Med error?

  1. 0
    I have a question: This morning during 0600 med pass, I discovered a N.O. for a pt that was for "7.5 mg Lortab". She only had 5 mg available. I "split" the 5mg (at the score mark with a standard pill splitter) and gave her 1 full and 1 half of the pills. I was then told later by 1st shift that I can't do that and it's a "med error", because you can't split Lortab. They said that the concentration of the drug may differ from one side to the next, so you can't know how much of the drug the pt is given. ????? If you can't split a Lortab, then why is it scored? I realize this is a stupid question, but I'm really new at this and don't want to hurt a pt, but I thought I'd run it by all of you and see what the story is. Thanks,

    Tonya

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  2. 7 Comments...

  3. 2
    Although what you have described is a medication error, it is very unlikely to harm the patient.

    You committed a med error, and it has absolutely nothing to do with scoring or cutting the caplet. Lortab is a mixture of hydrocodone and acetaminophen, and it is available in the strengths of 5/500mg, 7.5/500mg, and 10/500mg.

    Since you gave the patient 1.5 caplets of the 5/500mg strength, the patient received the correct amount of hydrocodone (7.5 mg). Unfortunately, they also received too much acetaminophen (750mg instead of 500mg). This is why it's a med error.

    Next time, call the physician to obtain a one-time order to give the Lortab 5/500mg strength. This will cover you until the Lortab 7.5/500mg caplets are delived to the facility. Good luck to you!
    bluegeegoo2 and Jules A like this.
  4. 0
    Oh geez! I wasn't even THINKING of the acetaminophen part!! Thank you for pointing that out to me. I was so hung up on the hydrocodone dose that the other didn't even cross my mind. Now I have guilt...
  5. 0
    There's no need to feel guilty, as this is a very minor med error!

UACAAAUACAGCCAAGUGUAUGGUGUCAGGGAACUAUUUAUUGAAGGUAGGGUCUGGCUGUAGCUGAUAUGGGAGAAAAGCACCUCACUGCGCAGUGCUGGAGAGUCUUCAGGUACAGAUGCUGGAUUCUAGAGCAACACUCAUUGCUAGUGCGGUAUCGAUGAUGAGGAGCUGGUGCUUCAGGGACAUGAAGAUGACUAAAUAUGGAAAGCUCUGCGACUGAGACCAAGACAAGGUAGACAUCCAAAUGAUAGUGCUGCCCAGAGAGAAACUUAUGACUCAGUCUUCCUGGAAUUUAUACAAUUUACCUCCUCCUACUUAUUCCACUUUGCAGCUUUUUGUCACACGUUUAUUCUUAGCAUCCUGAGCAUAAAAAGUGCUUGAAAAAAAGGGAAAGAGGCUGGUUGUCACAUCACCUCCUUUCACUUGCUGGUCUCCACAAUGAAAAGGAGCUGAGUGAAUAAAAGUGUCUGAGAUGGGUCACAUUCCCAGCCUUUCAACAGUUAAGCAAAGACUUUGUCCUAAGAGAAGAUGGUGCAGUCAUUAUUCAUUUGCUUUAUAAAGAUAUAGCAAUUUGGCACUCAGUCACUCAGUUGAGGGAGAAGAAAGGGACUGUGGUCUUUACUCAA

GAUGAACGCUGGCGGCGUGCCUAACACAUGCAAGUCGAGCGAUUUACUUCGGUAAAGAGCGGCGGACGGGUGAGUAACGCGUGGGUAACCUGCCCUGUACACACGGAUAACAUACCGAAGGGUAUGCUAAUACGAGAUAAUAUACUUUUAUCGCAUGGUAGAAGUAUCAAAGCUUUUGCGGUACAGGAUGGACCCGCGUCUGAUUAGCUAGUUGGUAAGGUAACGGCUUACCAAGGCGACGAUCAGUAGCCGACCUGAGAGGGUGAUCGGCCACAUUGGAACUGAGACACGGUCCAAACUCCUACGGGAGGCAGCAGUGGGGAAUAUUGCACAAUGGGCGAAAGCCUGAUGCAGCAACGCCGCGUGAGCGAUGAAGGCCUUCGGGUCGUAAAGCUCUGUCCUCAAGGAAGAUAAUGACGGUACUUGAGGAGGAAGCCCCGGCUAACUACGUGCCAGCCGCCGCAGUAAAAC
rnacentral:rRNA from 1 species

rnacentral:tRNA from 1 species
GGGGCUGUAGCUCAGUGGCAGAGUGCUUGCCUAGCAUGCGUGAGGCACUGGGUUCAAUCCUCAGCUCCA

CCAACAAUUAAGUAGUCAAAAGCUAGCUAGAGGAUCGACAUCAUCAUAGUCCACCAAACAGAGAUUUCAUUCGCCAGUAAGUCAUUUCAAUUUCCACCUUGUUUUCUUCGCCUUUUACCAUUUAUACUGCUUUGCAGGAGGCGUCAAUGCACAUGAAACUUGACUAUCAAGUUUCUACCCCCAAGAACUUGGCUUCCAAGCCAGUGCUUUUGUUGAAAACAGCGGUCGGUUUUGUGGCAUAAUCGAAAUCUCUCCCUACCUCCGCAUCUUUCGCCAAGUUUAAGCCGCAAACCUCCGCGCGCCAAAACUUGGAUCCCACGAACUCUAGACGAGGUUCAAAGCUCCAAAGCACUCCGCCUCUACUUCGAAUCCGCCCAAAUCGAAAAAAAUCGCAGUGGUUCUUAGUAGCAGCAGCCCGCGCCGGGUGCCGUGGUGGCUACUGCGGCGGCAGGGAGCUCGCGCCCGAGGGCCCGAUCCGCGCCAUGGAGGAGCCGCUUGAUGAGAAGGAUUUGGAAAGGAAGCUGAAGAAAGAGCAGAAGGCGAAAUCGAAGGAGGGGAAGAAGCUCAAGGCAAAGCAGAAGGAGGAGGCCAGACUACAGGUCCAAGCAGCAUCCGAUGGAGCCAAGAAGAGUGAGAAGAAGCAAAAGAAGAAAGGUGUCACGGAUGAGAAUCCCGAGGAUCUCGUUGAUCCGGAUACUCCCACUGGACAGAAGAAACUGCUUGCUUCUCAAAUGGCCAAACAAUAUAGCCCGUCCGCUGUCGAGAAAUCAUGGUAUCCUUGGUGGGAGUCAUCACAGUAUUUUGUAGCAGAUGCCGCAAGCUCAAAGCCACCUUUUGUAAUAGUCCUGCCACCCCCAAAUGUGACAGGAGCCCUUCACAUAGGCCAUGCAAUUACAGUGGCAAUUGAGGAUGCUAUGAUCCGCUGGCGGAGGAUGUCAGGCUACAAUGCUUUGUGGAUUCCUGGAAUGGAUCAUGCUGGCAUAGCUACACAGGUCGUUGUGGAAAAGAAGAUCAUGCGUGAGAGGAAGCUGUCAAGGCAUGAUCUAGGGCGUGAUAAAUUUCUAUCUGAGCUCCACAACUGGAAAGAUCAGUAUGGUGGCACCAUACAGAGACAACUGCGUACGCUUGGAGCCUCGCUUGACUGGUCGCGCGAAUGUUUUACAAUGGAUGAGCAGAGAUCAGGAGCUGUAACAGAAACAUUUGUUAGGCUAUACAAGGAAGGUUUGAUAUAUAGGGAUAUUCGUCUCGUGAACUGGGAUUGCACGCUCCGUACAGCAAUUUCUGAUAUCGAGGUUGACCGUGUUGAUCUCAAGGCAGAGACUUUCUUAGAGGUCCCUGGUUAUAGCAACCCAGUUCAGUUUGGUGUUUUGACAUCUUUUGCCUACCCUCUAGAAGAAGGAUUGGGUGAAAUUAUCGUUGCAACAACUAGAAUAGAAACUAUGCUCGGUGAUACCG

Most adults can handle receiving 750mg of acetaminophen instead of the usual extra strength dose of 500mg. I'm 100 percent assured that no harm will arise to your patient as the result of this mistake.
  6. 0
    In doubt... call pharmacy, they are very helpful when you don't know what to do. But ALWAYS consult with the physician first, at the end he is the "authority" on med orders.

    Take care.
  7. 0
    Quote from vivibonita
    In doubt... call pharmacy, they are very helpful when you don't know what to do. But ALWAYS consult with the physician first, at the end he is the "authority" on med orders.

    Take care.
    Thank you. My facility has it's own pharmacy, and I work 3rds, but I honestly didn't even think to call the on-call pharmacist. If something near this ever happens again, I certainly won't feel bad to wake him up!
  8. 0
    Quote from TheCommuter
    There's no need to feel guilty, as this is a very minor med error!

    Most adults can handle receiving 750mg of acetaminophen instead of the usual extra strength dose of 500mg. I'm 100 percent assured that no harm will arise to your patient as the result of this mistake.
    Thank you for the support. She was the first person I checked over when I came on last night at 2300, and she was fine. I feel bad because she's is suffering from neoplastic syndrome and is terminal. The guilt came from possibly adding more suffering to an allready suffering woman. Poor thing is not in her right mind anymore due to the extent of the metastases, but she has shown no ill effects. I'm SO relieved!!
  9. 1
    If that is the worst med error you ever make, you'll be fine. Alot of people take 1000mg of tylenol at one time. You can have up to 4 grams a day. If you would of called the physician either before or after the event, I don't think he would of had a coronary. Relax, don't beat yourself up. There are minor med errors in which noone gets hurt and then there are the ones that make the whole facility come crashing down. Learn from every mistake or almost mistake. You are human. As far as Norco being scored, it is and we get them sent from the pharmacy packaged that way, and I don't think they say one half of the pill might have more drug than the other so be careful. Don't beat yourself up and don't lose your confidence (which causes more mistakes) just put your chin up and always double check everything, calculate your doses especially in drugs that come in multple mgs. with multiple incredients. Good Luck and just be the best nurse you can be and don't let anyone make you feel like less of one because of an error. If you work long term care, to be perfect with 35-55 residents and not forget something, you are inhuman and you are human.
    bluegeegoo2 likes this.


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